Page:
PLEASE NOTE: Not all COSEWIC reports are currently available on the SARA Public Registry. Most of the reports not yet available are status reports for species assessed by COSEWIC prior to May 2002. Other COSEWIC reports not yet available may include those species assessed as Extinct, Data Deficient or Not at Risk. In the meantime, they are available on request from the COSEWIC Secretariat.
11 record(s) found.
- COSEWIC Status Reports (1 record(s) found.)
- Response Statements (2 record(s) found.)
- Recovery Strategies (1 record(s) found.)
- Orders (3 record(s) found.)
- COSEWIC Annual Reports (2 record(s) found.)
- Consultation Documents (1 record(s) found.)
- Recovery Document Posting Plans (1 record(s) found.)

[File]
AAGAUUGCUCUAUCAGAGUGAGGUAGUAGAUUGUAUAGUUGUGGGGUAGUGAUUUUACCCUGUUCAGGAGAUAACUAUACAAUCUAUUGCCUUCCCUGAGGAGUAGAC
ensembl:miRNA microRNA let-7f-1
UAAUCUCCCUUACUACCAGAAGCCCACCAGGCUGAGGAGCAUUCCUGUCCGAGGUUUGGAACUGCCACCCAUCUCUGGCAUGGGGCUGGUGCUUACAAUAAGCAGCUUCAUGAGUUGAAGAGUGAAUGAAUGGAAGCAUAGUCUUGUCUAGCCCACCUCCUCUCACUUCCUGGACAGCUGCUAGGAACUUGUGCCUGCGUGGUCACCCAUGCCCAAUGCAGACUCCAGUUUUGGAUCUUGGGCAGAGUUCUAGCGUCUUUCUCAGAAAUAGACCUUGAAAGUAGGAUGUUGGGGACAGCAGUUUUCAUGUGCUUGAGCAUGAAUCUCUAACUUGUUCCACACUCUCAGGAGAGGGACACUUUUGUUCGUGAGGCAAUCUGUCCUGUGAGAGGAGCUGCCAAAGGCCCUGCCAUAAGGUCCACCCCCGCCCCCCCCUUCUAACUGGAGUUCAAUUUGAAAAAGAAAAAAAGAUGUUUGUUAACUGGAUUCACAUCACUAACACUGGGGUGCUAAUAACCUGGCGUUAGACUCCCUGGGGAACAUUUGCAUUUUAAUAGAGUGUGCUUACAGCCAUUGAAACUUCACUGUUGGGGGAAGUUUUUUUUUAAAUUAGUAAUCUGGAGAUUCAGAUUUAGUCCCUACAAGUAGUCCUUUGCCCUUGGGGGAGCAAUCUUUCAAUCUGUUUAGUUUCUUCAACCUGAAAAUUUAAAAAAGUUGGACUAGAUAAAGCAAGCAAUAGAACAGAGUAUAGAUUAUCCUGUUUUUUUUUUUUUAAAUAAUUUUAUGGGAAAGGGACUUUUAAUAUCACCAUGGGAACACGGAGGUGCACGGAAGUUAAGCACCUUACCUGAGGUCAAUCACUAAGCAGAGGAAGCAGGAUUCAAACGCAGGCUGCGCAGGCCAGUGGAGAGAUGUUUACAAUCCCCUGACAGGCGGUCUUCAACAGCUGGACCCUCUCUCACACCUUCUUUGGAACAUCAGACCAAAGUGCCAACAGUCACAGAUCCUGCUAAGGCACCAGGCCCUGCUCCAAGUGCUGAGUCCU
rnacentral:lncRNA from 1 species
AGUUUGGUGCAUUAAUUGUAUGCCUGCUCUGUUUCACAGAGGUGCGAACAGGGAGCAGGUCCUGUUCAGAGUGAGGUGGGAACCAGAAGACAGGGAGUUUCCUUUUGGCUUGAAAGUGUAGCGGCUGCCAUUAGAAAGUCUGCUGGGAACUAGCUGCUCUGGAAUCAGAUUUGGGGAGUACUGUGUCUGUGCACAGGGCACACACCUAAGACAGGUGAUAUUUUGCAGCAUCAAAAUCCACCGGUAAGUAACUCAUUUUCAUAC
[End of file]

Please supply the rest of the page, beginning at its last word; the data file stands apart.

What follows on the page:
COSEWIC Status Reports
Response Statement - Northern Bobwhite (2004-10-22)This species depends on native prairie and old meadow habitats that have largely disappeared from its southern Ontario range. Its population has declined drastically over the last 30 years and shows no sign of significant recovery. There is perhaps only one viable population in Canada, on Walpole Island, Ontario. The status of this species is complicated by the presence of many introduced populations which typically do not persist and whose genetic composition may pose a threat to native populations.
Response Statement - Northern Bobwhite (2013-12-18)Owing to habitat loss, this grassland bird’s population has declined dramatically over historical levels and shows no sign of recovery. There is only one viable population remaining in Canada, located on Walpole Island, Ontario. The status of this species is complicated by the presence of introduced pen-reared birds whose genetic composition is believed to pose a threat to the remaining native population.